Conversation Starters for That John Quincy Adams Birthday Bash You're Probably Throwing
Next week (July 11) is John Quincy Adams' birthday! While the idea of celebrating the 250th birthday of some dead guy with killer muttonchops surely appeals to any flosser, your guests might feel weird attending a party in honor of a president they know nothing about. But a skilled host can diffuse the awkwardness with these conversation starters. Feed these lines to guests and they’ll party like it’s 1799.
Have you been to the bathroom yet?
You simply can’t have a John Quincy Adams party without an alligator in the bathroom. The president had a pet gator, which was gifted to him by the Marquis de Lafayette. He kept it in a tub in the East Room, claiming that he enjoyed watching “the spectacle of guests fleeing from the room in terror.” If you’re looking for cheap entertainment, stock the tub with an inflatable gator (or splurge on a real one). Then sit back and enjoy the show.
I hear the Potomac’s lovely this time of year.
John Quincy Adams got his exercise by taking a daily dip in the Potomac . . . naked. Every morning at 5:00 a.m., the president would walk to the river, strip down, and go for a swim. But as with any intense exercise, skinny-dipping carries its risks. When Adams refused an interview with reporter Ann Royall, she hiked down to the river while he was swimming, gathered his clothes, and sat on them until he agreed to talk. Adams eventually cooperated, making him the first president (naked or clothed) to grant an interview with a female journalist.
Care for a game of billiards?
If the conversation’s falling flat, pool is always a reliable fallback. Adams adored the game and installed a billiards table in the White House shortly after becoming president. The new addition quickly became a subject of controversy when Adams billed the government with the $61 tab (which he later reimbursed). Nonetheless, political enemies charged that the pool table symbolized Adams’s aristocratic taste and promoted gambling.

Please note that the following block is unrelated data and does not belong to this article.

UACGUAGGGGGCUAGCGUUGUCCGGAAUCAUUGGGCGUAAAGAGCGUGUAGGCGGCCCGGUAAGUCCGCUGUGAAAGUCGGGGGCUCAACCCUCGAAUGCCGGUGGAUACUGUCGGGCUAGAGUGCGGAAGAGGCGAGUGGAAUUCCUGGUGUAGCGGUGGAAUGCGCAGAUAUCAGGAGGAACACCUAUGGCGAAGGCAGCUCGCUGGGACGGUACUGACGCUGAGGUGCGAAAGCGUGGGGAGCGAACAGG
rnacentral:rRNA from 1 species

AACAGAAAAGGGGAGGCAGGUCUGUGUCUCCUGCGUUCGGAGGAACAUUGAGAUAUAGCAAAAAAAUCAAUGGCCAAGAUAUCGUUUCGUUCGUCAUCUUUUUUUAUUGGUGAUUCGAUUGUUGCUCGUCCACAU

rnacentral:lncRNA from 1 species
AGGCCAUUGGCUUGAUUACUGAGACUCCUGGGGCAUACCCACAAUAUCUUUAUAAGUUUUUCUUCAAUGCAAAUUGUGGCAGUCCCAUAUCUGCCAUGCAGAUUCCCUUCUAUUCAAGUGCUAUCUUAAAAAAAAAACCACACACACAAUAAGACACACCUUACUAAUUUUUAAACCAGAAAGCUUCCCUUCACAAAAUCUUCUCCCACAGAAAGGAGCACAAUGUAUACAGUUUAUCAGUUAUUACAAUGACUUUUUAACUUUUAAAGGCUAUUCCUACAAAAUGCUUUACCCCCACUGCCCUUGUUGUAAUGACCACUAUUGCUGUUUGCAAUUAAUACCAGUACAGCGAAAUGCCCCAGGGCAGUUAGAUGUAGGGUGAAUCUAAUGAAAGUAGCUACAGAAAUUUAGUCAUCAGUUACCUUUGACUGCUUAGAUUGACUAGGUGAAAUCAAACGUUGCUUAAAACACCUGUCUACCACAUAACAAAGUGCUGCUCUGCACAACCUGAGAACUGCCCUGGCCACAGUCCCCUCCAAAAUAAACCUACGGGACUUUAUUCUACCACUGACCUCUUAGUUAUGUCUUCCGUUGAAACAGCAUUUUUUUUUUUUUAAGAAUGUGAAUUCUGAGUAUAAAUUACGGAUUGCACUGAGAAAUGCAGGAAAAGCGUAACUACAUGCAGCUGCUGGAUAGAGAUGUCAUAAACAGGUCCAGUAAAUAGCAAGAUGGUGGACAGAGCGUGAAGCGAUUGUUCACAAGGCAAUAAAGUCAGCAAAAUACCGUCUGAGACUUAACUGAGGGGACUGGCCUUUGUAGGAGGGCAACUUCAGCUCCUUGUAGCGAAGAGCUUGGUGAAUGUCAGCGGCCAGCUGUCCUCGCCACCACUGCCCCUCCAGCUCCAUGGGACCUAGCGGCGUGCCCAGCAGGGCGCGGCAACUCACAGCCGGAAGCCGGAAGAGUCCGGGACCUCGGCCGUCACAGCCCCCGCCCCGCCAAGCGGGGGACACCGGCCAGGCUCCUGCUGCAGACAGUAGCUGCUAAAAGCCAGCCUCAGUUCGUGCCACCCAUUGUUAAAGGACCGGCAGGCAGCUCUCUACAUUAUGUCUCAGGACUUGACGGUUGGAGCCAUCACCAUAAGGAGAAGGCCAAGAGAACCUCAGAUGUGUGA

So, Florida. That place is awesome, right?
Lots of people love the Sunshine State. But few take the time to thank John Quincy Adams while sunbathing on the steamy beaches. As Secretary of State, Adams negotiated the Adams-Onis Treaty, which allowed the U.S. to purchase Florida and set a new boundary between the U.S. and New Spain. That’s right – Disney World might not have been built if it weren’t for the man of the hour.
How about that election? Pretty dirty, huh?
While Americans decry the ugly effects of partisanism, the truth is that politics used to be a lot dirtier. The election of 1828 – when incumbent John Quincy Adams got crushed by longtime rival Andrew Jackson - is famous for the mudslinging tactics employed by both sides. Adams said Jackson was too dumb to be president, claiming that he spelled Europe “Urope.” He also hurled insults at Jackson’s wife, calling her a “dirty black wench” for getting together with Jackson before divorcing her first husband. Jackson retorted by calling Adams a pimp, claiming that he had once procured an American girl for sexual services for the czar while serving as an ambassador to Russia. Makes Obama and Romney seem downright chummy.
On a scale from 1 to 10, how awful would it be to be president?
John Quincy Adams might have said 11. He once stated, “The four most miserable years of my life were my four years in the presidency.” But even if he hated being commander-in-chief, Adams couldn’t bear to be out of the political loop for too long. After finishing his term as president, Adams served 18 more years in the House of Representatives, where he campaigned against further extension of slavery. In fact, he died shortly after suffering a stroke on the house floor.
Don’t you hate making small talk at parties?
Although Adams was nicknamed “Old Eloquent” for his unparalleled public speaking ability, he couldn’t make small talk to save his life. Aware of his own social awkwardness, Adams once wrote in his diary, “I went out this evening in search of conversation, an art of which I never had an adequate idea. Long as I have lived in the world, I never have thought of conversation as a school in which something was to be learned. I never knew how to make, control, or to change it.”
So, if all else fails and the party gets really awkward, encourage your guests to make small talk about how much they hate small talk. Because small talk is just the worst, right?